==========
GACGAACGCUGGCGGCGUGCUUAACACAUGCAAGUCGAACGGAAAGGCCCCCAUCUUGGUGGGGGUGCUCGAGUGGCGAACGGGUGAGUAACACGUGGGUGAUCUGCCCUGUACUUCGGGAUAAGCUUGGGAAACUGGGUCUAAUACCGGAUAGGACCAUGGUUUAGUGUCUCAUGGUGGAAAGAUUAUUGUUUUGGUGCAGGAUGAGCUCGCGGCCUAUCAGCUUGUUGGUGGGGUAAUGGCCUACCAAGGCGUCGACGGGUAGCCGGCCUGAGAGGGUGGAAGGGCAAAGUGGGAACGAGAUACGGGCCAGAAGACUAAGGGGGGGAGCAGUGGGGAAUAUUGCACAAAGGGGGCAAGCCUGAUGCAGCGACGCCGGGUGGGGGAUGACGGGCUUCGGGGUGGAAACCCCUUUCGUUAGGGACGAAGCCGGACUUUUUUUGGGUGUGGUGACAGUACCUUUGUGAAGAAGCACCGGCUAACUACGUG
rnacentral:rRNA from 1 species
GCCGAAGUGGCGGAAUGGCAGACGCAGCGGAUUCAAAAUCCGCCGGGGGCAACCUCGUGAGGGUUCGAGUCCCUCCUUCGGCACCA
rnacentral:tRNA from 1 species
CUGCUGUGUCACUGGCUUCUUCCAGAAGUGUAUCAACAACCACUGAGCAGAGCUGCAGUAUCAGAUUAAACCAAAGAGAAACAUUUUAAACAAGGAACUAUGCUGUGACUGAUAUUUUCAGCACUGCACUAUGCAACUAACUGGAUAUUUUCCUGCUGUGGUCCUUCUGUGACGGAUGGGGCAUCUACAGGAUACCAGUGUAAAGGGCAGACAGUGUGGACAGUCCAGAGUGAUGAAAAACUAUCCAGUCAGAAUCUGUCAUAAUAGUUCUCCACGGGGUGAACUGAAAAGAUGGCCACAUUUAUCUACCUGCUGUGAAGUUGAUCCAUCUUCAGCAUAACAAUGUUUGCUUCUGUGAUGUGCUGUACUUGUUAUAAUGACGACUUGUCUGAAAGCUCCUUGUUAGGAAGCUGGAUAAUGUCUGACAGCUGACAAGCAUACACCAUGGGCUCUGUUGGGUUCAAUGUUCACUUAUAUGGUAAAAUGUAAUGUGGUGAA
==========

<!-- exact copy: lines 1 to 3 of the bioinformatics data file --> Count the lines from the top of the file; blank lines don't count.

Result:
GACGAACGCUGGCGGCGUGCUUAACACAUGCAAGUCGAACGGAAAGGCCCCCAUCUUGGUGGGGGUGCUCGAGUGGCGAACGGGUGAGUAACACGUGGGUGAUCUGCCCUGUACUUCGGGAUAAGCUUGGGAAACUGGGUCUAAUACCGGAUAGGACCAUGGUUUAGUGUCUCAUGGUGGAAAGAUUAUUGUUUUGGUGCAGGAUGAGCUCGCGGCCUAUCAGCUUGUUGGUGGGGUAAUGGCCUACCAAGGCGUCGACGGGUAGCCGGCCUGAGAGGGUGGAAGGGCAAAGUGGGAACGAGAUACGGGCCAGAAGACUAAGGGGGGGAGCAGUGGGGAAUAUUGCACAAAGGGGGCAAGCCUGAUGCAGCGACGCCGGGUGGGGGAUGACGGGCUUCGGGGUGGAAACCCCUUUCGUUAGGGACGAAGCCGGACUUUUUUUGGGUGUGGUGACAGUACCUUUGUGAAGAAGCACCGGCUAACUACGUG
rnacentral:rRNA from 1 species
GCCGAAGUGGCGGAAUGGCAGACGCAGCGGAUUCAAAAUCCGCCGGGGGCAACCUCGUGAGGGUUCGAGUCCCUCCUUCGGCACCA